Image of Dave.Will.Chris

“When I pass, just know I repped my city till I did die.” — Dave.Will.Chris, “Get By”

Written by Jasmine Christopher, Contributor | Photographed by Malcolm A. Taylor

White lights, smoke fog, and roaring guitar intensify the feeling in the room. Silence falls over the crowd as they take the music in, watching in awe.

Out The Plastic was held at Headliners Music Hall on Oct. 8 at 7 pm. The show featured Kuana Evans, Axel Roley, Allen Vice, Q Mekhi, BP The GassGuy, that’s crazy inc., and the headliner of the night, Dave.Will.Chris.

Born in Kokomo, Ind., Dave.Will.Chris, formally known as Dave Christopher Jr., was raised in Gary, Ind., until moving to Louisville, Ky., with his father at age 11. Despite not being born in Louisville, he believes the city made him the man he is today.

Dave can recall his early days as a rap fan. He thought MC Hammer was the coolest rapper ever, and he was even a fan of Billy Ray Cyrus. “Achy Breaky Heart” that was my jam right there.”

As time went on, he grew into his musical taste, and he really appreciated the famous rappers from the late 80s and 90s. 

But when he made his way through middle school and high school, his taste in music shifted again. He began to look for more underground rappers.

“It started as me like kinda just writing poetry, and then that kind of evolved into me really rapping.” Many people believe that Rap

“Holding a rhythm and finding beats, and you know, making a beat or whatever it might be. Around 12 or 13 was when I really started rapping for real.” He shared his dream of becoming a rapper, and shortly after, he had his mini studio built into the basement of his home.

In his early days, he took inspiration from rappers like Tupac, Snoop Dogg, Eminem, and Jay-Z. He covered the walls of his bedroom with all these rappers, making it known who he listened to and who he was a fan of.

He began to listen to artists in Louisville by connecting with a friend from school named Jordan Saffel. “He’s probably the person that put me on to a lot of stuff. Dave credits Saffel with helping him find his taste and musical style.

Saffel knew local artists at that time, such as GoodBar, and Skyscraper Stereo, Chaotic D, and Brix the Franchise. Dave then went off the college and discovered James Lindsey, formerly Jalen Rose, on a popular blog called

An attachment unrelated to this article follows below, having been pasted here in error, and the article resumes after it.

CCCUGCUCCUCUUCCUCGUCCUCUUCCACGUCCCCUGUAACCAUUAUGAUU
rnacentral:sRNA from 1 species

Dave watched and admired people like D Fresh, B Simz, HurraSeason, and more. Seeing these Louisville artists thrive encouraged him to take rapping seriously.  He remembers seeing these people perform at Headliners and thinking, “Oh my God, how can I get up there?” 

Performing with several up & coming artists at Headliners this past month was truly a full-circle moment. He knew that having the ability to get up on a stage that he had dreamed of being on was so much bigger than himself, which is why he chose to highlight the current rap scene.

“My generation of rappers had a better opportunity to do some stuff,” Dave said. He stands in between two influential groups, those that had to build their table and those that have to pull up a seat. “They’re [younger artists on the scene] the next ones up, I’m not saying it’s over for cats my age, but like, dudes like shy!!!, Allen Vice, AD Kindle, Nise the Nymph, all them? They’re set.”

“I really see that community with them,” Dave said. 

Dave says one of the most notable differences between the generations is that the newer artists are genuinely friends who have built a relationship outside of just the music. 

“They’re actually friends; they’ve been knowing each other.”

Dave, alongside Taylor Gunsauley, Vashti Proctor, Cease, Cypher Divine, and several other artists, created a festival called LouiEvolve, modeled after Golden Culture Fest created by Shawn Steez. 

LouiEvolve featured artists such as Jack Harlow, The Homies, and Marz. It created a space for locals to experience the talent that lived in their hometown that they hadn’t even known existed.

LouiEvolve even allowed students from AMPED in 2015, a community center and music academy located in West Louisville, to perform. For many of them, it was a chance to perform and showcase their talent for the first time.

Now, Dave serves as the program director of AMPED, which gives him a platform to show his love of supporting other musicians doesn’t stop with setting up shows. 

“I do teach music, I do teach classes, but really I’m here for them,” he said. Dave is also an instructor at the program and views himself, loosely, as a youth advocate. “The biggest thing for me has been building those relationships and really getting to know them and realizing they need somebody to talk to.” 

The goal at AMPED is not just to teach kids music but to use music as an “unconventional setting” for personal growth. 

“It’s so lonely as a kid, I mean elementary, middle, and high school, up until you’re 20, that’s a lonely space to be in,” he said. Many students at AMPED have entered the program to learn an instrument, but they left with a whole new set of skills and a support system stronger than they’ve had before. 

“It’s something that worked for me in terms of dealing with my emotions and who I am,” Dave said. Music is what gets the kids in the door, and Dave shares his passion for it with the kids because he knows it will work. “I try to make that message known in my music like ‘just be you.’”

Over time, his music has become more optimistic. Looking forward, he wants to be a voice that advises listeners to look for more positive outlets and hold more positive outlooks. 

“This latest project… it’s about love on the surface, but it’s about ‘yo, I’m choosing to feel different’ it’s still some darker things, but I’m trying to be positive. I’m trying to find a new angle.” 

Dave.Will.Chris released his second album, “U Almost Grew On Me,” on Apr 15. His music can be found on all streaming platforms.